A Roth IRA can be set up through a bank, insurance company, and even online IRA accounts. However, unlike a regular savings or investment account, there are many things to learn about opening a Roth IRA, including rules that impact how retirement funds are taxed, how much money an individual can contribute annually, and other important considerations.
One key detail to note is that Roth IRAs are available to individuals with an income below annually established thresholds. Eligibility for contributing to a Roth IRA is capped at the following income levels:
• In 2020: $139,000 for single filers and $206,000 for married couples filing jointly
• In 2021: $140,000 for single filers and $208,000 for married couples filing jointly
Another primary difference between Roth IRAs and other types of retirement plans is when an individual is taxed. Generally, taxation on retirement plans is deferred until later funds are withdrawn as distributions (typically upon or after retirement). With Roth IRAs, contributions are taxed when the income is earned and deposited into the individual’s retirement account. The funds are not taxed later, when an investor withdraws contributions or makes a qualified distribution.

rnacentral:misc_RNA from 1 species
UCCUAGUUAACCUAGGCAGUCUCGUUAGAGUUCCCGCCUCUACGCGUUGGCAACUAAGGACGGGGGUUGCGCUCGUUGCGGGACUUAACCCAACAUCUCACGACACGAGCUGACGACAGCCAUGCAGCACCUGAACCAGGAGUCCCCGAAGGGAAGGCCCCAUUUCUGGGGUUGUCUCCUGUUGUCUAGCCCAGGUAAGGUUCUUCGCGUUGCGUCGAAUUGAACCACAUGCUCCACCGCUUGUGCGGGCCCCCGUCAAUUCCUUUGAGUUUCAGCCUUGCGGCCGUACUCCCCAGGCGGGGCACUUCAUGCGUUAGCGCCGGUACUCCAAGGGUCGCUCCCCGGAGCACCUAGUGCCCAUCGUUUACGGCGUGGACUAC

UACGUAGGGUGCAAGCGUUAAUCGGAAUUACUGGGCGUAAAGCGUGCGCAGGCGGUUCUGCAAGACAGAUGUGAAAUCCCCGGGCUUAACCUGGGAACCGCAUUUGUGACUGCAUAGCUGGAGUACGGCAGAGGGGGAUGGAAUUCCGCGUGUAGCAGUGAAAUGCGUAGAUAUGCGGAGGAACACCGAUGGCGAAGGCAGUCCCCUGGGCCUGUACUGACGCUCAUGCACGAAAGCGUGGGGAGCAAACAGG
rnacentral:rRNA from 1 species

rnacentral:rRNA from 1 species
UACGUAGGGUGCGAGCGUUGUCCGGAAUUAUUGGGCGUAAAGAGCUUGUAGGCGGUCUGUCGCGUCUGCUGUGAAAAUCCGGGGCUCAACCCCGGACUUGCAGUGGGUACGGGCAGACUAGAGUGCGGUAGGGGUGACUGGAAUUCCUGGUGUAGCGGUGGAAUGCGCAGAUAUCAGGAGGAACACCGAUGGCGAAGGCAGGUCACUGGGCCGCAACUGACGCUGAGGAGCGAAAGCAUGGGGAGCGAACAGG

Roth 403(b) vs. Roth IRA: Are They the Same Thing?
Simply put, a Roth 403(b) is not the same as a Roth IRA, though both are funded with after-tax dollars.
Like regular 403(b)s, Roth 403(b)s are plans that are run by non-profit employers. An individual may establish a designated Roth account within their 403(b), allowing them to make Roth-style contributions—meaning taxes are not deferred. When an individual contributes to a Roth 403(b), they pay income tax in the year their contribution is earned, and not when the funds of their retirement plan are distributed.
Which is Better: a 403(b) or Roth IRA?
No one plan is universally better than another. Deciding between a 403(b) or Roth IRA, is a personal choice, depending on an individual’s retirement goals.